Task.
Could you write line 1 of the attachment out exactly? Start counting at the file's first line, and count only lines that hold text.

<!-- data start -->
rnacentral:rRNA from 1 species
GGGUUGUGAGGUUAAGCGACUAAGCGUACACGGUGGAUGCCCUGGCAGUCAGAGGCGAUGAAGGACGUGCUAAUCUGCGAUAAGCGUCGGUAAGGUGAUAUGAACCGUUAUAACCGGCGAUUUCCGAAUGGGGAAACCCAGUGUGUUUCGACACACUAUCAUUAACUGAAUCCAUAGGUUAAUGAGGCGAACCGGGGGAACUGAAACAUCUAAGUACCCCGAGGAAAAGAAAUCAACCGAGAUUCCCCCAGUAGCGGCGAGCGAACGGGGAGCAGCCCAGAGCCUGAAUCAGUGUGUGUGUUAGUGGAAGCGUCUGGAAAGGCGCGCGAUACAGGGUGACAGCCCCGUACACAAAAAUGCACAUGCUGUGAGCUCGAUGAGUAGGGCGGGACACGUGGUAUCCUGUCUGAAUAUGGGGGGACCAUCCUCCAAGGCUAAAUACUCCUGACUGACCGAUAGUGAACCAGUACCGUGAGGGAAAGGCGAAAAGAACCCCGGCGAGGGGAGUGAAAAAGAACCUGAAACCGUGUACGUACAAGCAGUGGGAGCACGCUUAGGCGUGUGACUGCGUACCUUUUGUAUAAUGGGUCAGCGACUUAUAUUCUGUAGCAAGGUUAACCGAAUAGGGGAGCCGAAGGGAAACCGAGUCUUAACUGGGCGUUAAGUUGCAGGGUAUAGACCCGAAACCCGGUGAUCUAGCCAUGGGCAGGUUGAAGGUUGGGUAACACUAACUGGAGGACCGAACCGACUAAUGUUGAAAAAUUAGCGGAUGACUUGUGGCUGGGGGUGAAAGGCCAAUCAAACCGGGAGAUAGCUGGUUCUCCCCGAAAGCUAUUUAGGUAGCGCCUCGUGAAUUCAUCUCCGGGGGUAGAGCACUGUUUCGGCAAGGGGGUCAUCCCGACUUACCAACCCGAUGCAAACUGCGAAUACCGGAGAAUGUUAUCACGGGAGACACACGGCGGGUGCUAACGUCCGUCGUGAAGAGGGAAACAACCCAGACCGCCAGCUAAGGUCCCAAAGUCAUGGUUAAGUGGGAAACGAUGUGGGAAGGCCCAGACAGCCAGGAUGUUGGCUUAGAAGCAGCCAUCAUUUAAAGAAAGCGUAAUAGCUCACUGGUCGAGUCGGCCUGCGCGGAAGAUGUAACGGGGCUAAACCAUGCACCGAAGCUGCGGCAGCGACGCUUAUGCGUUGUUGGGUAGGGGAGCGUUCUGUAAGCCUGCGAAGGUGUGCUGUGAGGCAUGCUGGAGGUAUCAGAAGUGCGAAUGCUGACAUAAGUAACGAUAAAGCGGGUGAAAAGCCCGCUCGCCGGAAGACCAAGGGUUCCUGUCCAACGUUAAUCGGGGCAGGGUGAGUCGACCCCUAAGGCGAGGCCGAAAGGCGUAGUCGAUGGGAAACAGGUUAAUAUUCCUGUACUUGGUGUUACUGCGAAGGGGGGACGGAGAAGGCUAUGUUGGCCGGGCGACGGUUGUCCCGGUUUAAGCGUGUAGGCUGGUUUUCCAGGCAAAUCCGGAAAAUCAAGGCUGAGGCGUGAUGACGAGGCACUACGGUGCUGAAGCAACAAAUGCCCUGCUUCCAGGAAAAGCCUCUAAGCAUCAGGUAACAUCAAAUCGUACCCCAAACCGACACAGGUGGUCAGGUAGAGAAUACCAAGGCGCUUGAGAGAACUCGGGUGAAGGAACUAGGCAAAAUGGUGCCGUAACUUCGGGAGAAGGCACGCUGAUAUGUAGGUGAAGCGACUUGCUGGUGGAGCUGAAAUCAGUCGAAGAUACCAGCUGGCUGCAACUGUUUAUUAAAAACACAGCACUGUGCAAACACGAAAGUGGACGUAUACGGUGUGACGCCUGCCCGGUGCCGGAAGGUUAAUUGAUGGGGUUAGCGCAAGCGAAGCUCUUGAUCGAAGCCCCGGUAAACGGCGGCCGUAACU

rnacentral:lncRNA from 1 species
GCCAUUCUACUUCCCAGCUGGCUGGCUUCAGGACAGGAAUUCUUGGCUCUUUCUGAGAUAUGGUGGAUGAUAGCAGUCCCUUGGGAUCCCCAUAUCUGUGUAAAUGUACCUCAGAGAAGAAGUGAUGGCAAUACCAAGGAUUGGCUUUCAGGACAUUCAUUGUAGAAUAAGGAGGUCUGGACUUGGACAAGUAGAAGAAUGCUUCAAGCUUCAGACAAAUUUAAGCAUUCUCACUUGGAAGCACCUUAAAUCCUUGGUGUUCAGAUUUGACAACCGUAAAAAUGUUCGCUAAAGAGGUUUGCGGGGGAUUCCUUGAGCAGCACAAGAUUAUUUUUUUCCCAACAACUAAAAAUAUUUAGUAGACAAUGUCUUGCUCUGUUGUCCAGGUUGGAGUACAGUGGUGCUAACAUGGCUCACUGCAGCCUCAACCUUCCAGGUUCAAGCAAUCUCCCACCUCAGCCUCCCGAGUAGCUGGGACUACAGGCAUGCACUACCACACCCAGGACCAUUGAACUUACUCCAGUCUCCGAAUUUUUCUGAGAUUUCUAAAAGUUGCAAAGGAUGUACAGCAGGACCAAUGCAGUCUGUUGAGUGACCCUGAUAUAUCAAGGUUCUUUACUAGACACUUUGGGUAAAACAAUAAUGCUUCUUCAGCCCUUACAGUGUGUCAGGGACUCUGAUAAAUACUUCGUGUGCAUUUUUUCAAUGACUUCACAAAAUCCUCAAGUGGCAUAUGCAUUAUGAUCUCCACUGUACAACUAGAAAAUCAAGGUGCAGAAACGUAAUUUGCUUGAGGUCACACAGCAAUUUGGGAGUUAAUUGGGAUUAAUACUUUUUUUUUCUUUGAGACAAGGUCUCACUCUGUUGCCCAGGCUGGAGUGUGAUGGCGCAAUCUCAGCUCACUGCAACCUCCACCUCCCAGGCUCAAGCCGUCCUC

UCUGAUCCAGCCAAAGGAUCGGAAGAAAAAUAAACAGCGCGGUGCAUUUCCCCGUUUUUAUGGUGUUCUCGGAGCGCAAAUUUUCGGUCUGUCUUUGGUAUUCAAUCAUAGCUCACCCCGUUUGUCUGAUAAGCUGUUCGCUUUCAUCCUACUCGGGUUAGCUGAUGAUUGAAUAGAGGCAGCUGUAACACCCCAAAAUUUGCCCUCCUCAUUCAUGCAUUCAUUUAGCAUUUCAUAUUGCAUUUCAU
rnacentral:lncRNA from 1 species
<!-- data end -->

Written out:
rnacentral:rRNA from 1 species